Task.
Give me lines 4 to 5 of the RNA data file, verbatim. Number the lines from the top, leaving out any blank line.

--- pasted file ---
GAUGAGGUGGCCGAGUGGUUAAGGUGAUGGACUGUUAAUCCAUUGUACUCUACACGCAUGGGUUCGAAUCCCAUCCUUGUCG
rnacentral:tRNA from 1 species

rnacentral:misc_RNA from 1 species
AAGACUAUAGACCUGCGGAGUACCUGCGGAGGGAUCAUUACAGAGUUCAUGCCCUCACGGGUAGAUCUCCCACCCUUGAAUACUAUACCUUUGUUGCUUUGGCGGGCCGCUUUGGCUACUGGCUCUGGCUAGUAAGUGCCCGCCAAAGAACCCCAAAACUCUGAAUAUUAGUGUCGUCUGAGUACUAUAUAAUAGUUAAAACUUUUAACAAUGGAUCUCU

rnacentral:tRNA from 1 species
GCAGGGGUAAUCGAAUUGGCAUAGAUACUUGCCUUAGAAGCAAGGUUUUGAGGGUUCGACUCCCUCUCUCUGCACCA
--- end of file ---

AAGACUAUAGACCUGCGGAGUACCUGCGGAGGGAUCAUUACAGAGUUCAUGCCCUCACGGGUAGAUCUCCCACCCUUGAAUACUAUACCUUUGUUGCUUUGGCGGGCCGCUUUGGCUACUGGCUCUGGCUAGUAAGUGCCCGCCAAAGAACCCCAAAACUCUGAAUAUUAGUGUCGUCUGAGUACUAUAUAAUAGUUAAAACUUUUAACAAUGGAUCUCU

rnacentral:tRNA from 1 species